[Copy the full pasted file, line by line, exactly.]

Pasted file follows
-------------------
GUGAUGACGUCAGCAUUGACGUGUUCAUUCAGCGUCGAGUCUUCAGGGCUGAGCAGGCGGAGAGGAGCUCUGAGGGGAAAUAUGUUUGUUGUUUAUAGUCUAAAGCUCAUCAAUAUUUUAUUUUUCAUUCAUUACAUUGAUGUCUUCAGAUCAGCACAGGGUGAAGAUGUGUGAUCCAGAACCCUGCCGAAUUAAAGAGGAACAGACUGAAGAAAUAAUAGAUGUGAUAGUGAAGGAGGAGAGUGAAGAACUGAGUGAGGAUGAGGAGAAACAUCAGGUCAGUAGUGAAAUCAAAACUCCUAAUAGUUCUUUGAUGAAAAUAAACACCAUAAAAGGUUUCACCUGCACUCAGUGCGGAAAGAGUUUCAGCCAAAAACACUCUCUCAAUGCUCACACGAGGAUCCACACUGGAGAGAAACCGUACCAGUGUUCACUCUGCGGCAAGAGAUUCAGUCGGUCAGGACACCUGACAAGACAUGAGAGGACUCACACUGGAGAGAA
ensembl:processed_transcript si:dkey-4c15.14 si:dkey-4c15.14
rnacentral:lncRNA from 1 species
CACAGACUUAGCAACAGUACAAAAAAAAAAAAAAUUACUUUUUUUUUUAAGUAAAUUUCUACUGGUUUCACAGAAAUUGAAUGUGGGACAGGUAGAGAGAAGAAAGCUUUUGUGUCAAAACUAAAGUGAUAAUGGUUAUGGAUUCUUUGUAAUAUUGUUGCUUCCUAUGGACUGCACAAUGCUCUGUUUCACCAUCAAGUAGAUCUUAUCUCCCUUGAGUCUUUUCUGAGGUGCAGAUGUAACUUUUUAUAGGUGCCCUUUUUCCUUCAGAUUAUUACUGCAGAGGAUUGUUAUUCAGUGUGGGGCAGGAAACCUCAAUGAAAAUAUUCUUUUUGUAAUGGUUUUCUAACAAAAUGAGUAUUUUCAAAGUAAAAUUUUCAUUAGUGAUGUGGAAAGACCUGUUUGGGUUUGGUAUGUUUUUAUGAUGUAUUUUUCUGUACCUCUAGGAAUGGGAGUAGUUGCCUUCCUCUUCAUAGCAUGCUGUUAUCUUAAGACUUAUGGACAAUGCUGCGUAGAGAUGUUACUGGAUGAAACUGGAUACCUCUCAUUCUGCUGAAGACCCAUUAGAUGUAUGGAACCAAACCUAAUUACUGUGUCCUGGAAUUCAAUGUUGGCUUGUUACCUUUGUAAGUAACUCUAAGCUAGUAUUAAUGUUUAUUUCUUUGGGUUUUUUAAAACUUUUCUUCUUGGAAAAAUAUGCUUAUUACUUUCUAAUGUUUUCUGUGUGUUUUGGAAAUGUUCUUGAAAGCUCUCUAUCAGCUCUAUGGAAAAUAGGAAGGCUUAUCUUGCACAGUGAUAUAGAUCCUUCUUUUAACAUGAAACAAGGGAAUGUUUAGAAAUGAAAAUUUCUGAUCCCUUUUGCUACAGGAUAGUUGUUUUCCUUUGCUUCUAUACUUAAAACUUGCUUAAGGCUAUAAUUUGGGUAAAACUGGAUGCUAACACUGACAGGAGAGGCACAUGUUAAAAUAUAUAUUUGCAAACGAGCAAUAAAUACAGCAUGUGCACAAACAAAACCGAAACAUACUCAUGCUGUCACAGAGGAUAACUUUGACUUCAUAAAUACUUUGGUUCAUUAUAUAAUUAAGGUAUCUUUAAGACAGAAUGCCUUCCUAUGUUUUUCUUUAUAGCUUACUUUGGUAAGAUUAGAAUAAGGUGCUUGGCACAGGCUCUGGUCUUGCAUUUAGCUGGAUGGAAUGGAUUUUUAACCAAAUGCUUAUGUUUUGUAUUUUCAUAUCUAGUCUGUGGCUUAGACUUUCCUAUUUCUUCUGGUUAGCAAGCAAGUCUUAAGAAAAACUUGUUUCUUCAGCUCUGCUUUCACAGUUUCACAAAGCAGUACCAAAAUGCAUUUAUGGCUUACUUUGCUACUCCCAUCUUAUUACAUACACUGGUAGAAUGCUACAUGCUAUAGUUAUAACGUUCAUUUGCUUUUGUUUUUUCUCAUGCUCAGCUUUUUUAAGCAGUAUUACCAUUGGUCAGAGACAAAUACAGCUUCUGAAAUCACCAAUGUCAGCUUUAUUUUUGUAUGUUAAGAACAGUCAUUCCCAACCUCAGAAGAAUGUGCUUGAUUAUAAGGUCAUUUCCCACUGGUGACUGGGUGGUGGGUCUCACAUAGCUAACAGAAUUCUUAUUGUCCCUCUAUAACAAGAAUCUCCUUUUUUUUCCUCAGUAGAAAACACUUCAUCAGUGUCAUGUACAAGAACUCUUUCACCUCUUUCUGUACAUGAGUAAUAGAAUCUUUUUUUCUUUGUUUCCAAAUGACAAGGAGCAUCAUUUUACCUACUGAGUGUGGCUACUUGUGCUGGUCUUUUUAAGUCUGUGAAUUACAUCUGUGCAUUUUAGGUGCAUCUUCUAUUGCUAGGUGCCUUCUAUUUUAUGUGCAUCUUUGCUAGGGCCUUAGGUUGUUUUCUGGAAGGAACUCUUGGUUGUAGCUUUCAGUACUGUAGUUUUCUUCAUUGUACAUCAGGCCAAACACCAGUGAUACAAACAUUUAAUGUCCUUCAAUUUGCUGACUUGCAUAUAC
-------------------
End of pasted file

GUGAUGACGUCAGCAUUGACGUGUUCAUUCAGCGUCGAGUCUUCAGGGCUGAGCAGGCGGAGAGGAGCUCUGAGGGGAAAUAUGUUUGUUGUUUAUAGUCUAAAGCUCAUCAAUAUUUUAUUUUUCAUUCAUUACAUUGAUGUCUUCAGAUCAGCACAGGGUGAAGAUGUGUGAUCCAGAACCCUGCCGAAUUAAAGAGGAACAGACUGAAGAAAUAAUAGAUGUGAUAGUGAAGGAGGAGAGUGAAGAACUGAGUGAGGAUGAGGAGAAACAUCAGGUCAGUAGUGAAAUCAAAACUCCUAAUAGUUCUUUGAUGAAAAUAAACACCAUAAAAGGUUUCACCUGCACUCAGUGCGGAAAGAGUUUCAGCCAAAAACACUCUCUCAAUGCUCACACGAGGAUCCACACUGGAGAGAAACCGUACCAGUGUUCACUCUGCGGCAAGAGAUUCAGUCGGUCAGGACACCUGACAAGACAUGAGAGGACUCACACUGGAGAGAA
ensembl:processed_transcript si:dkey-4c15.14 si:dkey-4c15.14
rnacentral:lncRNA from 1 species
CACAGACUUAGCAACAGUACAAAAAAAAAAAAAAUUACUUUUUUUUUUAAGUAAAUUUCUACUGGUUUCACAGAAAUUGAAUGUGGGACAGGUAGAGAGAAGAAAGCUUUUGUGUCAAAACUAAAGUGAUAAUGGUUAUGGAUUCUUUGUAAUAUUGUUGCUUCCUAUGGACUGCACAAUGCUCUGUUUCACCAUCAAGUAGAUCUUAUCUCCCUUGAGUCUUUUCUGAGGUGCAGAUGUAACUUUUUAUAGGUGCCCUUUUUCCUUCAGAUUAUUACUGCAGAGGAUUGUUAUUCAGUGUGGGGCAGGAAACCUCAAUGAAAAUAUUCUUUUUGUAAUGGUUUUCUAACAAAAUGAGUAUUUUCAAAGUAAAAUUUUCAUUAGUGAUGUGGAAAGACCUGUUUGGGUUUGGUAUGUUUUUAUGAUGUAUUUUUCUGUACCUCUAGGAAUGGGAGUAGUUGCCUUCCUCUUCAUAGCAUGCUGUUAUCUUAAGACUUAUGGACAAUGCUGCGUAGAGAUGUUACUGGAUGAAACUGGAUACCUCUCAUUCUGCUGAAGACCCAUUAGAUGUAUGGAACCAAACCUAAUUACUGUGUCCUGGAAUUCAAUGUUGGCUUGUUACCUUUGUAAGUAACUCUAAGCUAGUAUUAAUGUUUAUUUCUUUGGGUUUUUUAAAACUUUUCUUCUUGGAAAAAUAUGCUUAUUACUUUCUAAUGUUUUCUGUGUGUUUUGGAAAUGUUCUUGAAAGCUCUCUAUCAGCUCUAUGGAAAAUAGGAAGGCUUAUCUUGCACAGUGAUAUAGAUCCUUCUUUUAACAUGAAACAAGGGAAUGUUUAGAAAUGAAAAUUUCUGAUCCCUUUUGCUACAGGAUAGUUGUUUUCCUUUGCUUCUAUACUUAAAACUUGCUUAAGGCUAUAAUUUGGGUAAAACUGGAUGCUAACACUGACAGGAGAGGCACAUGUUAAAAUAUAUAUUUGCAAACGAGCAAUAAAUACAGCAUGUGCACAAACAAAACCGAAACAUACUCAUGCUGUCACAGAGGAUAACUUUGACUUCAUAAAUACUUUGGUUCAUUAUAUAAUUAAGGUAUCUUUAAGACAGAAUGCCUUCCUAUGUUUUUCUUUAUAGCUUACUUUGGUAAGAUUAGAAUAAGGUGCUUGGCACAGGCUCUGGUCUUGCAUUUAGCUGGAUGGAAUGGAUUUUUAACCAAAUGCUUAUGUUUUGUAUUUUCAUAUCUAGUCUGUGGCUUAGACUUUCCUAUUUCUUCUGGUUAGCAAGCAAGUCUUAAGAAAAACUUGUUUCUUCAGCUCUGCUUUCACAGUUUCACAAAGCAGUACCAAAAUGCAUUUAUGGCUUACUUUGCUACUCCCAUCUUAUUACAUACACUGGUAGAAUGCUACAUGCUAUAGUUAUAACGUUCAUUUGCUUUUGUUUUUUCUCAUGCUCAGCUUUUUUAAGCAGUAUUACCAUUGGUCAGAGACAAAUACAGCUUCUGAAAUCACCAAUGUCAGCUUUAUUUUUGUAUGUUAAGAACAGUCAUUCCCAACCUCAGAAGAAUGUGCUUGAUUAUAAGGUCAUUUCCCACUGGUGACUGGGUGGUGGGUCUCACAUAGCUAACAGAAUUCUUAUUGUCCCUCUAUAACAAGAAUCUCCUUUUUUUUCCUCAGUAGAAAACACUUCAUCAGUGUCAUGUACAAGAACUCUUUCACCUCUUUCUGUACAUGAGUAAUAGAAUCUUUUUUUCUUUGUUUCCAAAUGACAAGGAGCAUCAUUUUACCUACUGAGUGUGGCUACUUGUGCUGGUCUUUUUAAGUCUGUGAAUUACAUCUGUGCAUUUUAGGUGCAUCUUCUAUUGCUAGGUGCCUUCUAUUUUAUGUGCAUCUUUGCUAGGGCCUUAGGUUGUUUUCUGGAAGGAACUCUUGGUUGUAGCUUUCAGUACUGUAGUUUUCUUCAUUGUACAUCAGGCCAAACACCAGUGAUACAAACAUUUAAUGUCCUUCAAUUUGCUGACUUGCAUAUAC